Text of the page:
Why UK Uncut can and should denounce the violence

UK Uncut must condemn the violence on Saturday 26 March. The network has formed around common views - such as an opposition to tax avoidance. Why can't one of these views be a condemnation of violence? If not, UK Uncut will dwindle into marginality.
Stuart White
1 April 2011

There's been a lot of blogospheric ink spilled of late about UK Uncut. 

One criticism concerns UK Uncut's decision not to condemn violent direct action - its position being, as I understand it: 'We do peaceful protest, but we do not condemn what others do.' 

As Ed Miliband said in his speech on Saturday, the arc of the moral universe tends towards justice, but only if some people struggle and strain to pull it that way. The peaceful UK Uncut protestors in Fortnum and Mason's last Saturday were doing just that. Their non-violent and mildly civil disobedient protest is firmly in the tradition of the American civil rights movement to which Ed Miliband appealed. 

It is precisely because I support UK Uncut and want it to grow that I am concerned by the decision not to condemn violent direct action.
On OurKingdom, Niki Seth-Smith argues that any criticism on this basis is misplaced. UK Uncut can't condemn violence because it is a network of individuals with different points of view and no leaders who can speak for UK Uncut as a group. 

But even as a network, UK Uncut obviously has to have some basis of common belief in order to be a distinctive campaigning entity at all. Being a network is consistent, for example, with UK Uncut taking the common view that tax avoidance is a bad thing. 

When a network of this kind forms, it has to form around something. The network is founded in an invitation: 'Join us in this space if you also believe X, Y and Z'. Logically, there is absolutely no reason why one of the defining articles of association in such a network can't include an unequivocal condemnation of violent direct action (as Oliver Huitson points out in the comments thread to Niki Seth-Smith's article). Invitations also have to be issued by someone. And this implies an element of leadership. 

In essence, what some of us would like is for the implicit leadership of UK Uncut now to clarify or revise the invitation by saying: 'UK Uncut condemns violent direct action'.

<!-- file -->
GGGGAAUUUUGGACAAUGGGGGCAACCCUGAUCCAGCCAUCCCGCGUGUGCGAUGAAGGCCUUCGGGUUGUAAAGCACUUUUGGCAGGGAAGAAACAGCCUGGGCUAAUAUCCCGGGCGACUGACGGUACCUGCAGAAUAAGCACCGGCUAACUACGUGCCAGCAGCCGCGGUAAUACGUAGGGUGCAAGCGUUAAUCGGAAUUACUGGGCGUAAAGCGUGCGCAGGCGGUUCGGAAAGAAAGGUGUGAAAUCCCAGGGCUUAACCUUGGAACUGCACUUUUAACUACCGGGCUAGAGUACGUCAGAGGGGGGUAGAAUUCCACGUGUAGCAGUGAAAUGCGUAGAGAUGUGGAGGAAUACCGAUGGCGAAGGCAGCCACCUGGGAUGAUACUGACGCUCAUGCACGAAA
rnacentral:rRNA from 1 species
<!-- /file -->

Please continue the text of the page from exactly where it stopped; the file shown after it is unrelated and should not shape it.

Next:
Perhaps this misses the point? It's just too late. The invitation went out a few months ago, and no one said then that the network would be defined, in part, as an association which condemns violent direct action. People have joined on this basis, and it would not be fair or appropriate to put some people in a position where they have to leave because they cannot agree with a condemnation of violent direct action. It would be exclusionary. 

But there is also a risk of exclusion by not condemning violent direct action. To enter into the sort of mildly civil disobedient spaces that UK Uncut creates, many people need some reassurance that things won't get too out of hand. Obviously this depends in part on what others - notably, the police - do, and the Met's duplicitous and intimidatory behaviour on Saturday was disgraceful. 

However, reassurance also depends, for many people, on having a high degree of trust and confidence that one's fellow participants in a UK Uncut protest share a commitment to non-violence. Situations of 'fluidity' between UK Uncut protestors and those up for some property damage undermine this trust and confidence. 

Surely the easiest way for UK Uncut now to give reassurance is to condemn violent direct action? If UK Uncut does not, then I worry that many people for whom non-violence is non-negotiable will drift away. 

Or else, they will never take the empowering step through the shop doorway in the first place. 

And what might have been a mighty movement, drawing from a wide section of the population, will gradually dwindle into marginality.

This piece was originally published on Next Left.

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